Cats and Christmas Trees: How to Keep Both Safe

Published by Mary Washburn
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You've probably heard at least one story of a cat who toppled a Christmas tree over in their zeal to leap into it. While they may be a cute combination, cats and Christmas trees can also be a destructive force. If you celebrate Christmas or if having a tree is part of your holiday tradition, understanding how to build a cat-safe Christmas tree can help ensure that both your kitty and your tree stay healthy all season long.

The Trouble With Cats and Christmas Trees

While it might seem near impossible to keep your cat out of your Christmas tree — especially if they're a younger kitty — you can take steps to help keep your curious climbing kitty out of harm's way. A good place to start is knowing which aspects of your holiday tree pose potential dangers to your cat.

yellow cat next to fallen christmas tree

Needles and Tree Water

Those little needles that fall all around your Christmas tree can be toxic and otherwise unsafe for your kitty. According to Pet Poison Helpline, pine needles can cause nausea, vomiting, skin irritation or injury to the stomach if ingested. The sap from these trees is also toxic to your cat. The water your tree sits in may contain sap and harmful preservatives, so be careful your cat doesn't drink from the reservoir around your live tree as well.

If your kitty chews on your tree's needles and branches or drinks from the reservoir, they may experience vomiting, diarrhea, cramping and drooling. If you observe any of these signs, contact your veterinarian right away.

Keep the area around your tree swept and tidy, and always monitor your cat when they're around your Christmas tree. If your tree is in an enclosed room, shut the door to keep your kitty out while you're away. You can also cover the reservoir with netting or duct tape (sticky side up) to keep them from accessing the tree's water supply.


Electricity and cats don't make a great pair, and your cat can also get tangled in loose cords. Here are some ways to help protect your furry friend and still have a shining tree:

  • Wrap the wires tightly around the branches to limit dangling or loose pieces.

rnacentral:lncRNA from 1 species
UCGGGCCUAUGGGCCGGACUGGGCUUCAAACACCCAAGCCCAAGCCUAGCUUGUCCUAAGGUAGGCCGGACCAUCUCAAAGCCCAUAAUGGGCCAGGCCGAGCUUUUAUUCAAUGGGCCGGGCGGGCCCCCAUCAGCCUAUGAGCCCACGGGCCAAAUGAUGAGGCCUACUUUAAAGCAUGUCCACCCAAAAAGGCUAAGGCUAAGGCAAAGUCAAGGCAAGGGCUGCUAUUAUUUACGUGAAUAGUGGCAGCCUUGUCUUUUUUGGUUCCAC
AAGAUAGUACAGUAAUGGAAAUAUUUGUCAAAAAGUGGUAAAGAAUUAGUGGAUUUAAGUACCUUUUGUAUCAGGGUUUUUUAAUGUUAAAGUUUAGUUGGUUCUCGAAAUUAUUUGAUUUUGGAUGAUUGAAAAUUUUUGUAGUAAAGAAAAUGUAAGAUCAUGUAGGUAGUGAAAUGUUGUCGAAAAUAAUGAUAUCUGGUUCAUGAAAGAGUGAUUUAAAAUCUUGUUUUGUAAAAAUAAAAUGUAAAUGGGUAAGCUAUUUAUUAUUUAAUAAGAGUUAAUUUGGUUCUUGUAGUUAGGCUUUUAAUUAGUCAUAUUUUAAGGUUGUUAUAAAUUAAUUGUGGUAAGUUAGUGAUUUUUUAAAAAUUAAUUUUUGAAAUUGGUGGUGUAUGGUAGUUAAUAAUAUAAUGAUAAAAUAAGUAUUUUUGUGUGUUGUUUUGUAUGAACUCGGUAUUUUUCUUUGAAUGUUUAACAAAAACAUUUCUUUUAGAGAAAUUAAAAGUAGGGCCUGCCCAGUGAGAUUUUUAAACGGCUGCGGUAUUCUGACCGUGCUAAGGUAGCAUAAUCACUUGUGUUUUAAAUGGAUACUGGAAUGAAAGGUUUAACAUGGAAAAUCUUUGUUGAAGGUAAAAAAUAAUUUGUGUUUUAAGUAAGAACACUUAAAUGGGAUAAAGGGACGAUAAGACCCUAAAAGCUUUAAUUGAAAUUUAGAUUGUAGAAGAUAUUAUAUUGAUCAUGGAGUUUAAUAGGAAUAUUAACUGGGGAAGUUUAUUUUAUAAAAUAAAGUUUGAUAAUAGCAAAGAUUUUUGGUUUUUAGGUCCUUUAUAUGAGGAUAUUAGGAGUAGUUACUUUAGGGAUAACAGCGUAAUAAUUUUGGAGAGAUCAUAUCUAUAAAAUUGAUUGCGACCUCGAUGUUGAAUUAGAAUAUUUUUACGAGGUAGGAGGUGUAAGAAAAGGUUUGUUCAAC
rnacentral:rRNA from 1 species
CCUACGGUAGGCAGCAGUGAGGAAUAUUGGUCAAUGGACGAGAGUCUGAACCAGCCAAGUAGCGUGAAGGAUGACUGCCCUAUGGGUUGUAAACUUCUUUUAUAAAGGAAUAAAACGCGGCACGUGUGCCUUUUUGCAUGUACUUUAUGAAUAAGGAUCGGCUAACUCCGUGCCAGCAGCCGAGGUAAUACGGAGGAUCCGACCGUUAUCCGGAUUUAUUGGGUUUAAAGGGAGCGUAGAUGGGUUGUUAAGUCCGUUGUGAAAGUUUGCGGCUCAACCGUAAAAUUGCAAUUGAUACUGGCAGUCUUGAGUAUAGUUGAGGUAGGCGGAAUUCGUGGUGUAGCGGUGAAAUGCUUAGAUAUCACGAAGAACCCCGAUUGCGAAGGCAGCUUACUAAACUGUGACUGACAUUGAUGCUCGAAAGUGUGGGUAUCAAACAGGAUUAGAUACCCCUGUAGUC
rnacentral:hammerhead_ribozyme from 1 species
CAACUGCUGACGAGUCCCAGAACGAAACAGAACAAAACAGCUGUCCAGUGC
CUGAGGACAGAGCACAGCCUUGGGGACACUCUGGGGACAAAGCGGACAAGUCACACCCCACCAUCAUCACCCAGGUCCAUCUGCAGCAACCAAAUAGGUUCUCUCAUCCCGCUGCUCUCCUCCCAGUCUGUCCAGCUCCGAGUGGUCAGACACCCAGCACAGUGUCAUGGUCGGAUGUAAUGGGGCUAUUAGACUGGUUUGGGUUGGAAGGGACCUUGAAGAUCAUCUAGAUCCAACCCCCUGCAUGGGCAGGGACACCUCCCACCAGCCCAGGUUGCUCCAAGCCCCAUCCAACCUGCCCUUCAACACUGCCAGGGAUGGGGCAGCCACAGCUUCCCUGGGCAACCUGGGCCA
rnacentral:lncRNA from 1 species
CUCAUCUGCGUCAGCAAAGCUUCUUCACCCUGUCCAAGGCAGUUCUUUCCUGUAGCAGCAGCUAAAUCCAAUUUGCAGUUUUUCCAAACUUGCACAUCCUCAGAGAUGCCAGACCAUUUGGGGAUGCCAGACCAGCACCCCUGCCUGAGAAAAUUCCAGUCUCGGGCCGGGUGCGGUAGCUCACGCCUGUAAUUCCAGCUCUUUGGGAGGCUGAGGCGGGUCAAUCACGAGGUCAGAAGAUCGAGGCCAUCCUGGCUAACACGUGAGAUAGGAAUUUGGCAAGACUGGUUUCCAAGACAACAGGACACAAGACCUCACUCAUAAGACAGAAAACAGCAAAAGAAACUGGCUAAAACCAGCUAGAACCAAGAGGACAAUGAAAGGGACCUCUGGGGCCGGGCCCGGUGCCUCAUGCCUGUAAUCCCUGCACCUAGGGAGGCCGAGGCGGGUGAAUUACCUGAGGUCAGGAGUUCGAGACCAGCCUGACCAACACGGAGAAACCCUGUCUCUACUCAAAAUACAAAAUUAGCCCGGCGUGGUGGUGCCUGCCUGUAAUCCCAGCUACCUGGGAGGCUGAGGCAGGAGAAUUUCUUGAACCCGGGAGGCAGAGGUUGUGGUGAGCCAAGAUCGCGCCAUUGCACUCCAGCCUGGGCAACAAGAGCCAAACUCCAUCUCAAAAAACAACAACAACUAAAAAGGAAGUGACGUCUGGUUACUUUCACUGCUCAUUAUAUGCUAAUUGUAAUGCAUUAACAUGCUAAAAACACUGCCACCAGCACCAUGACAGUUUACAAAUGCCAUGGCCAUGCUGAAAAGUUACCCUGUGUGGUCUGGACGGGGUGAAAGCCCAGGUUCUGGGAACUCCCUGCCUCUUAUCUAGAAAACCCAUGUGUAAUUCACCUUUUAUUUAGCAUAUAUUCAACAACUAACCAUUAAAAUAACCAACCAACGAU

• Avoid twinkling or blinking lights, which can entice your cat.
  • Cover any cords leading from the tree to your outlet (try threading them through an empty paper towel or toilet paper tubes!).
  • Check the wires frequently for damage from teeth or claws.

Always unplug the tree when no one is nearby to supervise your cat. If you believe your cat might have chewed a live cord, check their mouth for signs of burns and look for singed hair and whiskers. If you suspect they've been hurt by chewing on Christmas tree lights or wiring, call your vet immediately.

cat playing with tree ornaments

Glass and Sharp Ornaments

You can't fault your cat for loving ornaments. Those shiny, swaying objects look a lot like toys — your cat doesn't know that ornament they just knocked down from the tree is a third-generation family heirloom. So how do you get your cat to leave your precious ornaments alone?

Glass ornaments and ornaments with sharp edges can also harm your cat. For harmony between cats and Christmas trees, cat behaviorist Pam Johnson-Bennett suggests the following:

  • Choose nonbreakable ornaments. This will keep your kitty from ingesting or stepping on a sharp shard — and save you a trip to the vet.
  • Hang ornaments strategically. Keeping your ornaments toward the center of the tree and avoiding low-hanging branches will help make them less accessible to your cat's probing paws.
  • Use twist-ties to secure ornaments. This will make it much harder for your cat to bat your ornaments to the floor.
  • Get crafty. If your cat is tree-obsessed, consider decorating with simple paper ornaments and paper garland to protect your cat and your ornaments.

How to Build a Cat-Safe Christmas Tree

Johnson-Bennett offers several ways to keep cats and Christmas trees safe this holiday season. The best bet, she says, is to place your tree in a room that can be closed off when no one is home to supervise your fur baby.

If that's not possible, here are some other suggestions:

  • Attach the tree to the wall or ceiling. You can anchor your tree with a fishing line and an eye bolt to either a wall or the ceiling to help keep your cat from knocking it over.
  • Invest in a heavy-duty tree stand. Find a tree stand that can manage the weight and height of a tree — even if it's under attack by a climbing cat.
  • Clear the area of furniture. This way your cat can't use a nearby table, couch or bookshelf to launch themselves right into your tree.

While you're preparing your home for seasonal safety, keep in mind that several poisonous holiday plants can be harmful to your cat. Take some time to make sure your holiday decorations are compatible with your kitty's health and well-being.

Cats and Christmas trees are what holiday memories are made of. By taking a few simple precautions, you can help protect your cat and your tree for a smooth, festive season full of cat snuggles and holiday cheer.

A cat beside a toppled Christmas tree.